When I raised this at our next meeting, one of Adele’s detractors doubled down, saying: ‘It’s like attending a brain tumour support group with a headache.’

I have to stress that the overwhelming majority of the women I met were fantastic. But a small, hard core of cancer ‘mean girls’ often upset the equilibrium.

Most of us were being treated at the same west London hospital, which also had a private wing attached. Talk of which oncologist we were under was a big topic. A particularly handsome consultant we’d nicknamed Dr Adonis was the oncologist everyone wanted — and not just because he was easy on the eye.

He was helpful, supportive and would answered emails and take phone calls outside appointment times. Being treated on the NHS, I was lucky enough to be one of his patients – much to the fury of a group member who had been unable to secure his services privately.

‘How did you get him for free?’ she demanded.

When she later discovered that I work in TV production, she insisted I must have promised him television work.

Having one of the more deadly types of cancer meant that, in their eyes, I’d earned my place at the meetings, but it didn’t stop them making digs about other things.

I’m divorced with no children, and was told by two different women that cancer was much ‘easier’ for me because I didn’t have to break my bad news to children or try and keep a home running throughout my treatment.

No; it just meant I had to work while feeling like the living dead, because I had nobody else to support me. It meant I often suffered alone because I felt too much of a nuisance to ask friends to help me with everyday things like shopping, cleaning or gardening.

After attending a few group get-togethers, it became clear that we split into two very different groups. There were the purists — the ones who saw their cancer as a wake-up call to overhaul their lives. They ate organically, were obsessed with juicing, eschewed all chemicals in their beauty products and did yoga and meditation.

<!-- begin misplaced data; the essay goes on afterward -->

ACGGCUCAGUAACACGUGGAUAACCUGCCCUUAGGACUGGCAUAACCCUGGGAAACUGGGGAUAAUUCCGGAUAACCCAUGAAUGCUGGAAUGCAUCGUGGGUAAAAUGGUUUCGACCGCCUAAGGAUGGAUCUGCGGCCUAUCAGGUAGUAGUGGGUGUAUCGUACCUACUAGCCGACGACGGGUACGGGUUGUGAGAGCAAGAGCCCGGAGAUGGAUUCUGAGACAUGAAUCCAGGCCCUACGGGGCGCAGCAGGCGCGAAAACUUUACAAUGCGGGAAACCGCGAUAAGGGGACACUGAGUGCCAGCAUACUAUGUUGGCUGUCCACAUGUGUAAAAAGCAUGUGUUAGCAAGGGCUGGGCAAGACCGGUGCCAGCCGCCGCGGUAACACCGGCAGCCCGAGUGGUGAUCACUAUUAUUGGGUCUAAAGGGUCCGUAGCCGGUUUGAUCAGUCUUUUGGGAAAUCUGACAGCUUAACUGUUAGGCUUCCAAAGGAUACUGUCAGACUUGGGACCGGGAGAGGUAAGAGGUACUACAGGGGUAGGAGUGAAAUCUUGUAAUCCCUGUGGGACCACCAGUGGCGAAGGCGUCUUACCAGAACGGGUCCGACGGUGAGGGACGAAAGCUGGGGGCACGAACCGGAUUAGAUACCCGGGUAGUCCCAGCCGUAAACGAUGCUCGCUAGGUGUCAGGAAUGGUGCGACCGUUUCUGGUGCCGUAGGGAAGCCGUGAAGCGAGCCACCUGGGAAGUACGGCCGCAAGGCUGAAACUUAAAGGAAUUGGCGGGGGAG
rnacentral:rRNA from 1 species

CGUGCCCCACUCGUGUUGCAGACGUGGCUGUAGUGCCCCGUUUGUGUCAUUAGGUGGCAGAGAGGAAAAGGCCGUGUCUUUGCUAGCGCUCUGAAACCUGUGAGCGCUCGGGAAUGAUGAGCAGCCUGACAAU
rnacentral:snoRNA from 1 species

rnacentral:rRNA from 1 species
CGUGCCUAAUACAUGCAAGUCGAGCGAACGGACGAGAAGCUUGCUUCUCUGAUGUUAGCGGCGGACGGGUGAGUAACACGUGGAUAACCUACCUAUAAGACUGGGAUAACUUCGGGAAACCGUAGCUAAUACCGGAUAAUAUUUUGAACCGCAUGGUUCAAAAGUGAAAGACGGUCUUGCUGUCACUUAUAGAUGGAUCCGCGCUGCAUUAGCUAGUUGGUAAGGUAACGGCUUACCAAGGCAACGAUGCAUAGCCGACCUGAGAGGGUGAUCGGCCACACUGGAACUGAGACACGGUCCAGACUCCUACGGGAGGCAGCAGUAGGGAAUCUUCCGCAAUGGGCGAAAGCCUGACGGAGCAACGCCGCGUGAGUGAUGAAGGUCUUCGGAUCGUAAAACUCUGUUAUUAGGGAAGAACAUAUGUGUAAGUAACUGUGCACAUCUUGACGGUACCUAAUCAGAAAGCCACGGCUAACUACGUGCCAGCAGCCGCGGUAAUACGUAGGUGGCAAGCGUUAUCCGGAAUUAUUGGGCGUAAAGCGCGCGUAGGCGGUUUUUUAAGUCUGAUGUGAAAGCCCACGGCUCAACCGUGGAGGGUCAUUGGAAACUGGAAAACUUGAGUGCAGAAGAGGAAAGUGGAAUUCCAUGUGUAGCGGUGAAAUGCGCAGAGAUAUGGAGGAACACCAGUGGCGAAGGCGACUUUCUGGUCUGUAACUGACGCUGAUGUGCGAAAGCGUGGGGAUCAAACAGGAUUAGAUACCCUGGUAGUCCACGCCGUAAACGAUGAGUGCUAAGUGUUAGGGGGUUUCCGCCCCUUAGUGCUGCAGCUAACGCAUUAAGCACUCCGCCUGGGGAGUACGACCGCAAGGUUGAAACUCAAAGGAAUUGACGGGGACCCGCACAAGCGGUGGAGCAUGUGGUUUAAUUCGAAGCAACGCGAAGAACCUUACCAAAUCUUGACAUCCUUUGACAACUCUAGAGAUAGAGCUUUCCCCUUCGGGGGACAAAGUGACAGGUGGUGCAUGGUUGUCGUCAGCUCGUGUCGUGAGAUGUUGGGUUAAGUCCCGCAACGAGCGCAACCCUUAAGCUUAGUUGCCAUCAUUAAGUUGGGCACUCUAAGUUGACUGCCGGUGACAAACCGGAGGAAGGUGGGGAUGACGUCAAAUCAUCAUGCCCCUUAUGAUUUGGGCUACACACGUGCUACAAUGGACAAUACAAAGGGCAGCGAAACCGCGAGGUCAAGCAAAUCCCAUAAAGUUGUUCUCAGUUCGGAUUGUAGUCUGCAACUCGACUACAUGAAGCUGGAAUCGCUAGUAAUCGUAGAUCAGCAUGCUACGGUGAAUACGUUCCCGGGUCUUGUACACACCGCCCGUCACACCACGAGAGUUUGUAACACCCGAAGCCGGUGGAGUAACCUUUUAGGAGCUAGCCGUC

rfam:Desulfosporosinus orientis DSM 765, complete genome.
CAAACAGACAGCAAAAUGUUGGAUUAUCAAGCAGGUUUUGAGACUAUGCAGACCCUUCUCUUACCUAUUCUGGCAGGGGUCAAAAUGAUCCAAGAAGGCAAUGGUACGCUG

Then there was the rest of us. Hardly hellraisers to start with, we considered it just rotten luck that we’d got cancer — and we were damned if we were going to make ourselves even more miserable by giving up wine and pizza.

Things came to a head during a group meal. Us drinkers could feel the purists’ eyes boring into us every time we ordered another bottle of plonk. Finally, one of them spoke up, saying she thought we were being ‘disrespectful’ to our doctors by drinking alcohol when it was a known contributing factor to breast cancer. Had we been drinking like teenagers at Freshers’ Week she might have had a point, but we’re talking about a few glasses of chilled prosecco.

It wasn’t just the local group where I encountered judgment either.

My doctors decided they wanted to shrink my tumour with chemotherapy before surgery and, hoping to hang on to my hair as long as possible, I opted to wear a cold cap to prevent loss.